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With Marcus Johansson and Tom Wilson both signed, the last restricted free agent the Capitals need to ink is Dmitry Orlov.

And both sides seem willing to make it happen after declining to file for arbitration. JJ Regan broke down the financial side of the negotiations here

As for Orlov’s 2015 season, he made some huge inroads after a stubborn wrist injury sidelined him the year before. Orlov rebounded from the dejection of the prior season to play all 82 games in 2015-16, but not without some bumps along the way.

The Russian defenseman was a game-changer on the ice. Many times he took the puck end to end and created offensive chances. Orlov finished the year with 8 goals and 29 points, but he also made his share of mistakes. 

GM Brian MacLellan described him as a “high event player, both ends there’s some events going on.”  

Orlov came under intense scrutiny two weeks before the end of the regular season, when Barry Trotz called him out for mistakes twice. 

The first came after a win against the Blues, in which Trotz said Orlov made a “soft play” against David Backes. 

Then the next game, two nights later against Columbus, Orlov gave away the puck while trying to make a clear in the defensive zone. “We threw a pizza in the middle and it ended up in the back of our net," the Capitals coach said. "That can’t happen. Those things are disastrous come playoff time.”


Speculation began that the 24-year-old, having played every game up to that point, would be benched. However, when asked about Orlov's talent balanced against these kinds of blunders, his mates backed their fellow blueliner, saying that he does things on the ice many of them can only dream about.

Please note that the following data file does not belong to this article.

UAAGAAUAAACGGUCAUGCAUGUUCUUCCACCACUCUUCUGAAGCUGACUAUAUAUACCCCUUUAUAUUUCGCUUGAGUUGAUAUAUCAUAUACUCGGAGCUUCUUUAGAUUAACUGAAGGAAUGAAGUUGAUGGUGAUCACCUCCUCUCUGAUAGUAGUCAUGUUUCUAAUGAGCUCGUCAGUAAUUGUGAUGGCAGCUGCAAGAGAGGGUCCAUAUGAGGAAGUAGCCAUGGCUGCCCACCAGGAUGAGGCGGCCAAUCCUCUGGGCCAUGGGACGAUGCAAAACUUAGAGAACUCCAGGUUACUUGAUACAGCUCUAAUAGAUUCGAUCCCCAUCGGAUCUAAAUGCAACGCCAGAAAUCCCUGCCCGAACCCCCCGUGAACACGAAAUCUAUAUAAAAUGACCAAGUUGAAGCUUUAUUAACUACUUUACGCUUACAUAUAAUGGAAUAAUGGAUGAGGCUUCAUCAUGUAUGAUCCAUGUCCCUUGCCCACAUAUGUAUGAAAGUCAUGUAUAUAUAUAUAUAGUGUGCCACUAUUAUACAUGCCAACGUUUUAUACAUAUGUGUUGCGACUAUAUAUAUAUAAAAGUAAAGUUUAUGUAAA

Veterans Brooks Orpik and Matt Niskanen both spoke extremely highly of Orlov and what he brought to their defensive corps. 

As it turned out, Orlov was not benched. Trotz said he had a heart-to-heart with his young defenseman and was satisfied with the result. The head coach also added that the leash would be shorter in the playoffs.

Trotz later yanked that leash in the Pittsburgh series, benching Orlov after his miscue led to a Penguins goal in Game 1. He sat most of the rest of that game, and then was not in the lineup in Game 2. 

When he returned in Game 3, he appeared to be a more conservative player, one who wasn’t as willing to take the risks he did during the regular season. Risks that perhaps led to some of his offensive success. There were a few instances in Game 3 when Orlov had to the chance to start a break out, but instead decided to clear or pass, taking the safer route.

Despite the bumps in the road at the end of the season, Orlov gained a lot of confidence and his teammates enjoyed watching him change the face of a game with his talent.